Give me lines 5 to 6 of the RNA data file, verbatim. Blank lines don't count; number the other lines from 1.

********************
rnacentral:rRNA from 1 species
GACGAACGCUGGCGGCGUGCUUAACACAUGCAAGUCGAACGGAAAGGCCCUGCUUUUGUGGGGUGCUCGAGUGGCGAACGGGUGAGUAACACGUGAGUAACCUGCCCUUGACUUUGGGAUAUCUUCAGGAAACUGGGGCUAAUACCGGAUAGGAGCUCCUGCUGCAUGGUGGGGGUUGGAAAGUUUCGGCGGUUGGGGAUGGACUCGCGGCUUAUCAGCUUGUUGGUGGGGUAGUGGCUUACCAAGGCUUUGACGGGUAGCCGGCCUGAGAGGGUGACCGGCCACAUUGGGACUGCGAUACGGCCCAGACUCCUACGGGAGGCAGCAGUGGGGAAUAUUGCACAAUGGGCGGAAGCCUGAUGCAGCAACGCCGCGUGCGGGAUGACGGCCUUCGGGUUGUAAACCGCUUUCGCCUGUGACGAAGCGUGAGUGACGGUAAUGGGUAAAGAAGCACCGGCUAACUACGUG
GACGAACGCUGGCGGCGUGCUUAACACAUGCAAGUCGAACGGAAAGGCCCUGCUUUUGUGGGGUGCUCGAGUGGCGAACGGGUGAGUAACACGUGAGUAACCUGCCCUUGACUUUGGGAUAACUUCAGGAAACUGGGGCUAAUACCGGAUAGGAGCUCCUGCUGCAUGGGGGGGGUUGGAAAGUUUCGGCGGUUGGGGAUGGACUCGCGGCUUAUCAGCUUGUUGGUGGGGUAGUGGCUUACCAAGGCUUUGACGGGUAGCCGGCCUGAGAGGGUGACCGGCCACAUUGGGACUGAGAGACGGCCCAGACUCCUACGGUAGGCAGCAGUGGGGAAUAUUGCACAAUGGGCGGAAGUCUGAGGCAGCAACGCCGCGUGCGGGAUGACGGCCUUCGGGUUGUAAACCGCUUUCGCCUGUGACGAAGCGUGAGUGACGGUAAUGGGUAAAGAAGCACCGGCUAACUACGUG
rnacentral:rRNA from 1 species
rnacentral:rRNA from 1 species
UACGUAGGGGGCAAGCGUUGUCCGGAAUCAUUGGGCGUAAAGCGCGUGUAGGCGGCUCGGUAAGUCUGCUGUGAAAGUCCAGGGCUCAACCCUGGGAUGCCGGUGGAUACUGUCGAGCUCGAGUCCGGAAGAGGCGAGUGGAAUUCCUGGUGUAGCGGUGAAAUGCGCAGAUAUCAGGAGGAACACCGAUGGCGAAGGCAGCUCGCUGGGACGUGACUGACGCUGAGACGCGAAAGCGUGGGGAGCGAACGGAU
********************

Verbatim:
rnacentral:rRNA from 1 species
UACGUAGGGGGCAAGCGUUGUCCGGAAUCAUUGGGCGUAAAGCGCGUGUAGGCGGCUCGGUAAGUCUGCUGUGAAAGUCCAGGGCUCAACCCUGGGAUGCCGGUGGAUACUGUCGAGCUCGAGUCCGGAAGAGGCGAGUGGAAUUCCUGGUGUAGCGGUGAAAUGCGCAGAUAUCAGGAGGAACACCGAUGGCGAAGGCAGCUCGCUGGGACGUGACUGACGCUGAGACGCGAAAGCGUGGGGAGCGAACGGAU